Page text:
#With today marking World Wildlife Day, we wanted to raise awareness of some of the world’s animals that do not get as much coverage as they deserve. These species are all coming under increasing pressure from a number of sources, and this is resulting in a drop in numbers which could prove catastrophic. Today we will be taking a closer look at five of the worlds most endangered animals, and hoping to shed some light on why these beautiful creatures are in danger of going extinct.
5. The Red Wolf
The red wolf is a unique and incredibly rare animal that is only found in the Eastern United States. Morphologically it is an intermediate between the coyote and the Gray wolf, and as the name suggests it is a reddish, tawny colour.
The red wolf was almost driven to extinction by aggressive predator control programmes, habitat destruction, and extensive hybridisation with coyotes in the mid 1900’s, and in the 1960’s fourteen of the surviving wolves were selected to be the founders of a captive bred population which was established in an American Zoo between 1974 and 1980. In 1987 the captive animals were released into the Alligator River Wildlife Refuge in Northern Carolina, and a second release soon took place in the Great Smoky Mountains National Park. 63 wolves were released between 1987 and 1994, and by 2012 the population has risen to as many as 120 wolves. However, by 2015 their numbers had reached a low of 50 individuals, and now these beautiful animals are classed as critically endangered on the IUCN Red List.
4. The Pangolin
The name pangolin comes from the Malay word pengguling and it translates to “something that rolls up” which could not be a more apt name for an animal which spends a lot of its life curled up in a ball. Pangolins are immediately recognisable thanks to their scaly exterior and unique body shape, with their tails stretching out to a length almost as long as their bodies! There are four species of pangolin living in Asia and another four in Africa, but all of them are considered at least endangered on the IUCN scale.
The pangolin is under threat from a wide variety of sources, the main one of these is being hunted for meat and their scales. Their meat is considered a delicacy throughout both Africa and Asia, and the scales of this animal are considered to have medicinal properties even though they are made from the same material as human hair and fingernails. It is thought that due to this demand for pangolin meat and scales, over 1 million of the animals have been illegally trafficked over the last decade.
It is not known how many pangolins are left in the wild, but as they are being illegally taken from their homes at an astonishing rate their numbers are set to continue to fall.
3. The Northern Sportive Lemur
This species of lemur is classed as one of the most endangered primates in the world, and this comes as a result, almost entirely, of problems caused by human actions. Like all other species of lemur, the Northern Sportive is found only on the island of Madagascar, and their diminutive size of just 28cm makes them one of the smallest species of lemur on the island.
The biggest threat to these cute creatures comes from human charcoal production, as vast swathes of the forest which the northern sportive lemur calls home are being cut down during the charcoal making process. It isn’t just human based threats that the lemurs are facing though, as they are hunted by the Malagasy Tree Boa (which preys on the lemurs whilst they are asleep in trees) and the large birds of prey they comb the area for food. It is estimated that there are only a few hundred individuals remaining in the northern sportive lemur population, and with their known habitat range not overlapping any currently protected areas, things are not looking good for this little lemur.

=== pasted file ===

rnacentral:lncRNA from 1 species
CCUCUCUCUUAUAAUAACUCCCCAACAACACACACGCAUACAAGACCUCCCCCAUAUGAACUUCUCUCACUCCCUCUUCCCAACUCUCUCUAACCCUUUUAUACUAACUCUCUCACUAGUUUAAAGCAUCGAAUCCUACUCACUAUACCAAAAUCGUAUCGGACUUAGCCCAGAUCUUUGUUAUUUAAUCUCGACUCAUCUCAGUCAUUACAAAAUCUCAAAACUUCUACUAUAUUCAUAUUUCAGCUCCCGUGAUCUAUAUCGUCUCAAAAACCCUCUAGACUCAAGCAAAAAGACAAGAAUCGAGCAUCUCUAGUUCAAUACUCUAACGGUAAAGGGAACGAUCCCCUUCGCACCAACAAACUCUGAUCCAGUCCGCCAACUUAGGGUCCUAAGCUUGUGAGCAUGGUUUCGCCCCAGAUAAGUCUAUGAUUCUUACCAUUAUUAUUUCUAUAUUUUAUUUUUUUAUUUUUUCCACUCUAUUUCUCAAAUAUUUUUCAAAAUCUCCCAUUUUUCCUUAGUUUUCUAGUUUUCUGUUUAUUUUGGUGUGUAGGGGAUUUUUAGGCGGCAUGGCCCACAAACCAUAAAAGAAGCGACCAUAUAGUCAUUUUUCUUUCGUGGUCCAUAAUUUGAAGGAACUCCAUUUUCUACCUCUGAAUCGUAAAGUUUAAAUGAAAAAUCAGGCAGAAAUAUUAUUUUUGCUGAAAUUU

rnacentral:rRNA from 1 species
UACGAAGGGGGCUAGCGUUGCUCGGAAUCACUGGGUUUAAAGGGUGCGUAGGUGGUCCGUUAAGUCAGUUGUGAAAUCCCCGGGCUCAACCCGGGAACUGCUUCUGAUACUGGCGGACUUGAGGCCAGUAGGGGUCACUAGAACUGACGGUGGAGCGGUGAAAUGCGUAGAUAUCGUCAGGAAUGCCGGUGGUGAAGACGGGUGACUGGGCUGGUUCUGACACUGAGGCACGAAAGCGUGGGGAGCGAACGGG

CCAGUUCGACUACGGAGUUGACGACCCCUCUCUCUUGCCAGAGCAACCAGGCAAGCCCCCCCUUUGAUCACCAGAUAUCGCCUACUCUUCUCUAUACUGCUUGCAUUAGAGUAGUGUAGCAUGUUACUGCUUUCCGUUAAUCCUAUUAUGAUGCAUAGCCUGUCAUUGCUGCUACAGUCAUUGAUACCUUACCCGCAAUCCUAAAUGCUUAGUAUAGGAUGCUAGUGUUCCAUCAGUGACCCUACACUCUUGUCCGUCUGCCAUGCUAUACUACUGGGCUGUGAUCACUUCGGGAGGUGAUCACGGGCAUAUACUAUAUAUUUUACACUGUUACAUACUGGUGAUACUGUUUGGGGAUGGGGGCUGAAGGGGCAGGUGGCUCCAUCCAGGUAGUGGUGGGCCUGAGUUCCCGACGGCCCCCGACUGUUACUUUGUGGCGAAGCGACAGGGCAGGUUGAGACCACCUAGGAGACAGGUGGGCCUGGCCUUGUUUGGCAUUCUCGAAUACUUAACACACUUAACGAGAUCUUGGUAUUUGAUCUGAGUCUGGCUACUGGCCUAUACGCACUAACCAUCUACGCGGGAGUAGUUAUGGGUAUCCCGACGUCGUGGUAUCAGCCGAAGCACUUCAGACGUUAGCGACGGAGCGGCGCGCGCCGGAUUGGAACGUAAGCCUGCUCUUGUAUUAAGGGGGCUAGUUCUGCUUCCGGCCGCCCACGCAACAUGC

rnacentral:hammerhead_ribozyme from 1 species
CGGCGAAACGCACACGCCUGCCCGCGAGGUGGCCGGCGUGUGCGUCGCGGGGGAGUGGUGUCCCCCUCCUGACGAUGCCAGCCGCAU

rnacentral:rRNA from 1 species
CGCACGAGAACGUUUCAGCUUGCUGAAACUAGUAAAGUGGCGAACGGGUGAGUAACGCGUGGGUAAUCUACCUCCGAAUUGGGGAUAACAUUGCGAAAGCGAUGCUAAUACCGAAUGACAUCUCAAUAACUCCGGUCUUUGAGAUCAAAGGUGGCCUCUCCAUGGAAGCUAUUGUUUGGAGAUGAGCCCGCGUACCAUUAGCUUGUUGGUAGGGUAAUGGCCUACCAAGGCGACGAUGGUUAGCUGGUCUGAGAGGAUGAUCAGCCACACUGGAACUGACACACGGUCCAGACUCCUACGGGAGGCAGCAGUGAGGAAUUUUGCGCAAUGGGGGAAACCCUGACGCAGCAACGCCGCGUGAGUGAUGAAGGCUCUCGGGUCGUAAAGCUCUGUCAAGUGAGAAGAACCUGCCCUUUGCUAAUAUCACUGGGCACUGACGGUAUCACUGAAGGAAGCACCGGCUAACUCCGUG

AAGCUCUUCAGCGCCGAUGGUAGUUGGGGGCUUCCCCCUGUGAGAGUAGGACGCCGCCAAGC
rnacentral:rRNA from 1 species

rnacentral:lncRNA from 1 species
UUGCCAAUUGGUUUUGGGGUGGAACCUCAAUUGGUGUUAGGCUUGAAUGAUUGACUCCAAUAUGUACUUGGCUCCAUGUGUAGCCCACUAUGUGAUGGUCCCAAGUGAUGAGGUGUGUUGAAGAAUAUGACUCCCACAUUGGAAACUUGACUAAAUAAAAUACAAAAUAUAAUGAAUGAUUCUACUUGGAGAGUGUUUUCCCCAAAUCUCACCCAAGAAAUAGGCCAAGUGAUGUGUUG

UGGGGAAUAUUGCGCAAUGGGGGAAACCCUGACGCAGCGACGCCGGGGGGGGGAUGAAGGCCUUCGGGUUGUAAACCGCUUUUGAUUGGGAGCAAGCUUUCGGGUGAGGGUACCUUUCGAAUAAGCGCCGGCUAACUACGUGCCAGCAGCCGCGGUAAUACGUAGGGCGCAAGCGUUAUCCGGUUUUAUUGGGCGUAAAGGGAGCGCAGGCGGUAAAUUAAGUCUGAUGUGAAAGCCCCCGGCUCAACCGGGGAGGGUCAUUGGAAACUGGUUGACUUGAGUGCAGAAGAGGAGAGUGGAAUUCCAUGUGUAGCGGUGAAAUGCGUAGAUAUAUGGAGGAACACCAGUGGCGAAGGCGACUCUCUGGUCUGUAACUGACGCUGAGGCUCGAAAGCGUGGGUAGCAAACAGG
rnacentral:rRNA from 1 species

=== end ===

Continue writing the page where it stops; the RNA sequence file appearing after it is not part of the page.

2. The Okapi
The strange looking okapi may not be the most endangered animal in this countdown, but they certainly are one of the most unique. These animals, which are actually most closely related to the giraffe despite their resemblance to a zebra, are endemic to the tropical forests of the Democratic Republic of Congo. Alongside the giraffe, the okapi is the only other member of the family Giraffidae, and like their animal cousins they also have a longer neck than other animals.
The okapi is classed as endangered on the IUCN Red List, and the major threats facing the beast include logging and human settlement in the areas in which they live. Extensive hunting for bush meat and skin as well as illegal mining have also contributed to a decline in the okapi population, and it is now thought that there are between 10,000 and 35,000 individuals in the wild.
1. The Elephant Shrew
Despite its tiny frame, the elephant shrew is actually more closely related to the elephant than it is to the shrew! This creature is one of the rarest animals on earth, and it resides in the Southern part of Africa. Although it is found in many different types of habitat throughout their range, the elephant shrew is common in none.
The biggest threat to the elephant shrew is habitat fragmentation. As a large number of these animals live in forests which are gradually becoming more and more fragmented due to human development, it is becoming harder and harder for them to find both food and mates when the time comes, and the populations are struggling because of this. Due to their elusive nature it is hard to judge how many there are remaining in the wild, and if things do not change soon then this unique creature will become even more at risk.
Please note that this is not a list of the 5 most endangered animals in the world, merely a piece to help you learn about some animals which you may not have known much about before. If you have been inspired to aid animal conservation on World Wildlife Day, then take a look at the projects that need your help!
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